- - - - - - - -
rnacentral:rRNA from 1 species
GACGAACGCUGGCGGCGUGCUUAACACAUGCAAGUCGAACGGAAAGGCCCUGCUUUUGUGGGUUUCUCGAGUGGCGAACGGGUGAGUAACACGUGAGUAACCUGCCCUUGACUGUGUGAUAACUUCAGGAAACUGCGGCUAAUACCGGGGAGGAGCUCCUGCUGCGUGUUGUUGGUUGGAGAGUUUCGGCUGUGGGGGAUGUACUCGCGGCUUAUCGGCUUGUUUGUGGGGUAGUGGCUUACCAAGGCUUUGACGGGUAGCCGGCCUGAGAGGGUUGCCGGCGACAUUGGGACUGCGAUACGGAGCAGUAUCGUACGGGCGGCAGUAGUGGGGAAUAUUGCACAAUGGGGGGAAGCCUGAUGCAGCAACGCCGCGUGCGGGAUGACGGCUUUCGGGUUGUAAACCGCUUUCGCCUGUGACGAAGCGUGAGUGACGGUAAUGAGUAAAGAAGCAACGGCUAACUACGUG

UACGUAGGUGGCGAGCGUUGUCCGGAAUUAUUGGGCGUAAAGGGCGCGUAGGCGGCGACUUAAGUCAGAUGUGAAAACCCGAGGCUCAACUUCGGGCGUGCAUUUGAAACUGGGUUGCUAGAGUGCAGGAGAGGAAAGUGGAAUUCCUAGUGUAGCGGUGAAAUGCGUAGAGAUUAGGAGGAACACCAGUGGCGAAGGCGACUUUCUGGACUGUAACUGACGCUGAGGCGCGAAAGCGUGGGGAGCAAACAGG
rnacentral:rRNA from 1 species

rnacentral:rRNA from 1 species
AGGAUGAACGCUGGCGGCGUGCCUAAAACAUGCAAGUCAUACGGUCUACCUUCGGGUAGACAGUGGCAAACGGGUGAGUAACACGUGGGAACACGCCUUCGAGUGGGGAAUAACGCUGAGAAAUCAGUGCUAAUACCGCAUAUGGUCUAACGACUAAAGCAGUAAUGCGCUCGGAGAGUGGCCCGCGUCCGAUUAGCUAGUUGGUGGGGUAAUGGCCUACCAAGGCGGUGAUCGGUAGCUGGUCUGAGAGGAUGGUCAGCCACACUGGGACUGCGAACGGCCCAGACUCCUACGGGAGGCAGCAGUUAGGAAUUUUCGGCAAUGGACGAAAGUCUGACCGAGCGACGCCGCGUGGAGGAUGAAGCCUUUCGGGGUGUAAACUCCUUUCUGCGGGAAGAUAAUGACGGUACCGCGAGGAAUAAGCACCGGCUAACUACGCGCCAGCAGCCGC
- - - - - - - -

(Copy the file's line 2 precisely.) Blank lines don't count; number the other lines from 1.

GACGAACGCUGGCGGCGUGCUUAACACAUGCAAGUCGAACGGAAAGGCCCUGCUUUUGUGGGUUUCUCGAGUGGCGAACGGGUGAGUAACACGUGAGUAACCUGCCCUUGACUGUGUGAUAACUUCAGGAAACUGCGGCUAAUACCGGGGAGGAGCUCCUGCUGCGUGUUGUUGGUUGGAGAGUUUCGGCUGUGGGGGAUGUACUCGCGGCUUAUCGGCUUGUUUGUGGGGUAGUGGCUUACCAAGGCUUUGACGGGUAGCCGGCCUGAGAGGGUUGCCGGCGACAUUGGGACUGCGAUACGGAGCAGUAUCGUACGGGCGGCAGUAGUGGGGAAUAUUGCACAAUGGGGGGAAGCCUGAUGCAGCAACGCCGCGUGCGGGAUGACGGCUUUCGGGUUGUAAACCGCUUUCGCCUGUGACGAAGCGUGAGUGACGGUAAUGAGUAAAGAAGCAACGGCUAACUACGUG